India police probe anti-Muslim hate speech at religious event

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Indian police have opened a criminal investigation for inciting hate after video clips from a Hindu religious gathering in the northern city of Haridwar emerged on social media showing saffron-robed monks advocating violence and ethnic cleansing of Muslims.

“The incident is under investigation,” Ashok Kumar, the police chief of the state of Uttarakhand, said over the telephone. Clips from the conclave – held from Dec. 17 to 20 – circulated on social media and drew sharp criticism from India’s former military chiefs, activists and even international tennis legend Martina Navratilova.

A series of video clips from the event showed religious leaders and at least one member of India’s ruling Bharatiya Janata Party exhorting Hindus to arm themselves against India’s largest minority group.

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“Muslims weren’t targeted but teachings of a certain faith that justify violence were discussed,” Amritanand, a Hindu monk and an organizer of the gathering, who goes by one name, said.

Hate speeches and anti-Muslim violence are likely to see an uptick as Uttarakhand and the neighboring state of Uttar Pradesh – India’s most populous – both ruled by Prime Minister Narendra Modi’s right-wing Bharatiya Janata Party, go to polls early next year.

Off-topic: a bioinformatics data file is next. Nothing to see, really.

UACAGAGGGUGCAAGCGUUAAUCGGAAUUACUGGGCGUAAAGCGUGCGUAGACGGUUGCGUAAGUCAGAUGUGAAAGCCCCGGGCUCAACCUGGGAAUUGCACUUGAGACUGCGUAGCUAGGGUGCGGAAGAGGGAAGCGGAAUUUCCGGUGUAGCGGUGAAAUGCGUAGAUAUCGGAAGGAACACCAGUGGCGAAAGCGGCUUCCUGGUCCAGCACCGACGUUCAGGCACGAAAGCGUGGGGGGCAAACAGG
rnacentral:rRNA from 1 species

The elections will serve as an indicator of popular sentiment for both the prime minister and his party.

Modi and the BJP have fast-tracked a Hindu nationalist agenda after winning a sweeping mandate for a second term in 2019. His administration has revoked Article 370 of the constitution that granted special autonomous status to India’s only Muslim-majority state, Jammu and Kashmir, and approved a citizenship law that discriminates based on religion.

He has laid the foundation stone for the construction of a Hindu temple at a site where a 16th century mosque was razed. The country’s top court handed over ownership of the site to Hindus in 2019 after decades of bitter dispute.

Hindus make up about 80% of India’s nearly 1.4 billion people, with Muslims the country’s largest minority accounting for just over 14%.

The incident shows “mainstreaming of hate in India and the failure of institutions like the police force and the judicial process,” Barkha Dutt, a Washington Post columnist and founder-editor of Indian news platform MoJo said. “There is a greater acceptance of the mob and the language of the mob” across India now.

However, some organizers of the Hindu religious gathering tried to soften the tone of the event. “A few monks went beyond the brief when addressing the gathering,” said Akhil Kaushik, one of the organizers and head of a religious body.

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